Rodriguez should have given a hat-tip to shortstop Javier Báez on his way to the dugout because the good result was greatly aided by his defensive wizardry. Báez made two stellar plays. He took a single away from Freeman in the fifth inning, ranging far into the hole to his right and jump-throwing a seed to first base.

He stole a hit from Jose Ramirez in the sixth, making a quick, diving backhanded snare of a ball hit with an exit velocity of 102 mph. Báez caught the ball with his momentum going toward left field and he still was able to get up quick and throw out Ramirez.

“That’s why they call him El Mago,” Rodriguez said. “That’s all I can say about it. It’s impressive every time I watch him do all those things. I don’t even know how to react when he does something crazy like that. But I love it.”

Báez also ended the seventh inning, going into the hole to get a grounder by Gabriel Arias and getting the force out at second base as Holton (1.1 innings) and Alex Lange closed the game out with seven straight outs.

“It’s pretty special watching him play the game of baseball,” Torkelson said. “There were some key plays in this game, you know, where we won 4-1 because of them.”

Second baseman Andy Ibanez made an over-the-shoulder catch in short right field to steal a hit. He also got Rodriguez out of a jam in the fourth executing a 4-3 double-play. Carpenter made a sliding catch on a ball hit by Arias in the fifth. And Riley Greene, after misreading a short fly ball in shallow center in the eighth, recovered and made the catch with a superman dive.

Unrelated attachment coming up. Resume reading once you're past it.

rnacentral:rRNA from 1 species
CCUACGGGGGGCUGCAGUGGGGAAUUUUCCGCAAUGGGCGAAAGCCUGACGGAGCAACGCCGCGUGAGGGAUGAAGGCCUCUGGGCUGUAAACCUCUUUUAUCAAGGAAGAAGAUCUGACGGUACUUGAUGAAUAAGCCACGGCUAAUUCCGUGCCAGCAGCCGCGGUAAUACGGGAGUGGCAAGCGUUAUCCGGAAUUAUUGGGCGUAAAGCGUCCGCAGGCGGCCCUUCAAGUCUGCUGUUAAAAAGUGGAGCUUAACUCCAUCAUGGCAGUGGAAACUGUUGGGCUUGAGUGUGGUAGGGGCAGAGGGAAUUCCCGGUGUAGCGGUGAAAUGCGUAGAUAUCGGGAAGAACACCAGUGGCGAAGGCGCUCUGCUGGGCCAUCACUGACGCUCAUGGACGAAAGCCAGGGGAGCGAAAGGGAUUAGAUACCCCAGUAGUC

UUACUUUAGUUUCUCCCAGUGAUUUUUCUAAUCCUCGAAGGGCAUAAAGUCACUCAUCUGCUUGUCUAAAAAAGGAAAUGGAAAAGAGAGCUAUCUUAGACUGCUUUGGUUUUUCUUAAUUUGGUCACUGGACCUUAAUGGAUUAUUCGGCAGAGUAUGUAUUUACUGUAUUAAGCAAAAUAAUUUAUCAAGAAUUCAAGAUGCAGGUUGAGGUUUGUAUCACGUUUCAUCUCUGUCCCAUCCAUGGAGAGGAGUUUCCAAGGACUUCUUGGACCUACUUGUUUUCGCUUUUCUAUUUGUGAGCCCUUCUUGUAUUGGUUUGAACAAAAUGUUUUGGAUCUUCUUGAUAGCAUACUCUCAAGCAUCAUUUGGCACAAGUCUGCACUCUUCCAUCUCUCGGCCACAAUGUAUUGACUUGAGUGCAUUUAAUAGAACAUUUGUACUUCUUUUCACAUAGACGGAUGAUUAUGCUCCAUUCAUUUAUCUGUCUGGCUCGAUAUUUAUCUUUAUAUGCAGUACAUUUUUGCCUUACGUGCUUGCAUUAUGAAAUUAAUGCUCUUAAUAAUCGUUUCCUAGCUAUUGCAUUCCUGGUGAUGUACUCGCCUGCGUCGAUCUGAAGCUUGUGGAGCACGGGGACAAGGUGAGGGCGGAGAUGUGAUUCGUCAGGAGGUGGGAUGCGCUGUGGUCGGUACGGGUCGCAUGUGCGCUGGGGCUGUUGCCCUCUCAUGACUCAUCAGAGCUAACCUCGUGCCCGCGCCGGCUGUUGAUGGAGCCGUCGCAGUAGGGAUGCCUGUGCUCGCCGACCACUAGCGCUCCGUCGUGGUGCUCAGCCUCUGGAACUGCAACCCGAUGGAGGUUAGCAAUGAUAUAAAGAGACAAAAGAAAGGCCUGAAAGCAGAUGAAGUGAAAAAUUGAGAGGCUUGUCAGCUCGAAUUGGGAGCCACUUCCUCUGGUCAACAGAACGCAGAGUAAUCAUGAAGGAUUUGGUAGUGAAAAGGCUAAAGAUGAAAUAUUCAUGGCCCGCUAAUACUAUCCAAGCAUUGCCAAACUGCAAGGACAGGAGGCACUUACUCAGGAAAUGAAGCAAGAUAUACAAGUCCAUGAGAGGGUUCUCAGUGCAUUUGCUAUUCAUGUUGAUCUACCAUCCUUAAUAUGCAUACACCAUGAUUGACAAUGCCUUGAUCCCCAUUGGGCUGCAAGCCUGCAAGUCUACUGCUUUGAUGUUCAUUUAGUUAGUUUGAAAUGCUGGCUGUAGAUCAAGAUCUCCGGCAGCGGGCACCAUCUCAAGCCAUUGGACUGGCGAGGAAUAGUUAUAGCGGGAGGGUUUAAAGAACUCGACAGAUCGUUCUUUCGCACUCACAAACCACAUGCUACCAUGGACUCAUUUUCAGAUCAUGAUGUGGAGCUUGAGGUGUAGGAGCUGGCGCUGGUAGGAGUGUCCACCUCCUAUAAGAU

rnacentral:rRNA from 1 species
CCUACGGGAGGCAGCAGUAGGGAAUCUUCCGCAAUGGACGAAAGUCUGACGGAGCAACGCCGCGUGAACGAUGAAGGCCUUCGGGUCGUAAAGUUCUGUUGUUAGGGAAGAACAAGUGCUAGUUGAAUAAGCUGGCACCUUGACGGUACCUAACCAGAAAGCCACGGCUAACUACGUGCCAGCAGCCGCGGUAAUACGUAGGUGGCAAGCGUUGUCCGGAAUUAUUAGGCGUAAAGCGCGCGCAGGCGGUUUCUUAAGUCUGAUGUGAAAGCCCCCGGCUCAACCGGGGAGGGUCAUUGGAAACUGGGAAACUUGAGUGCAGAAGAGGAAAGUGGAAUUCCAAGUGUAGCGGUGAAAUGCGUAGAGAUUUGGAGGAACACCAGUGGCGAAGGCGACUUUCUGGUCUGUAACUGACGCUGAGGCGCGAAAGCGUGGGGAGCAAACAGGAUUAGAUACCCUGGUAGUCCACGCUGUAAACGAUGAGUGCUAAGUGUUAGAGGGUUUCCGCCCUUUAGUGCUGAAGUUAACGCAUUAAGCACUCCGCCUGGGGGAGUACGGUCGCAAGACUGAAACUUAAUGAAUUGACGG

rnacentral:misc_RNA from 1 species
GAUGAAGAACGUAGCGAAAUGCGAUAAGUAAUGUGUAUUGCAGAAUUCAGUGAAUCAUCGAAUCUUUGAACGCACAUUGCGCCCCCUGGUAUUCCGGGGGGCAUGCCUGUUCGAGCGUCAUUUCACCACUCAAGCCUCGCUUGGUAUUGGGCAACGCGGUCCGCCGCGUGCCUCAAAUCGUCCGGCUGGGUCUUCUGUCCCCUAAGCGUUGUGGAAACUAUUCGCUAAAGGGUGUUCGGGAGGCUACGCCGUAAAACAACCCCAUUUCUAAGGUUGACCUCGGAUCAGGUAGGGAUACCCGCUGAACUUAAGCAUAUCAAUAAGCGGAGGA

“It was a complete game for us and it capped a good series,” Hinch said.

The other side of this Tigers-Guardians narrative, though, was those first-inning runs were about all the damage the Tigers did in those games.

Until Sunday, the Tigers scored just three runs in innings other than the first. Not this time, Carpenter blasted his 18th homer of the season in the seventh. Báez created a second run in the inning, getting hit by a pitch, forcing a balk and scoring on a pinch-hit single by Baddoo.

The Tigers, who end the three-city trip with a 5-4 record, hit 18 homers in those games.

“I don’t care how we score,” Hinch said. “If we get 10 hits, if get a homer, we just need to put up good at-bats and I thought we worked their pitching staff very well today and throughout the series and we come out with three wins. I think it’s all correlated.”

One last snapshot from Progressive Field: Miguel Cabrera, who was celebrated before the game by the Guardians, finished his 127th and last game here with a line drive single to right field in his final at-bat. Since Progressive Field was founded in 1994, Cabrera has had more hits (146), home runs (26), RBI (89), extra-base hits (49) and total bases (247) than any other visiting player.

He is one of five players all-time to post a .300 average, 50 or more homers and 175 RBIs against Cleveland. The others on that list — Babe Ruth, Ted Williams, Jimmie Foxx and Lou Gehrig.


“He’s got some pretty insane numbers against every team, but especially against Cleveland,” Torkelson said. “We knew how big that moment was for him, kind of his farewell to this stadium. Pretty good way to go out.”


X: @cmccosky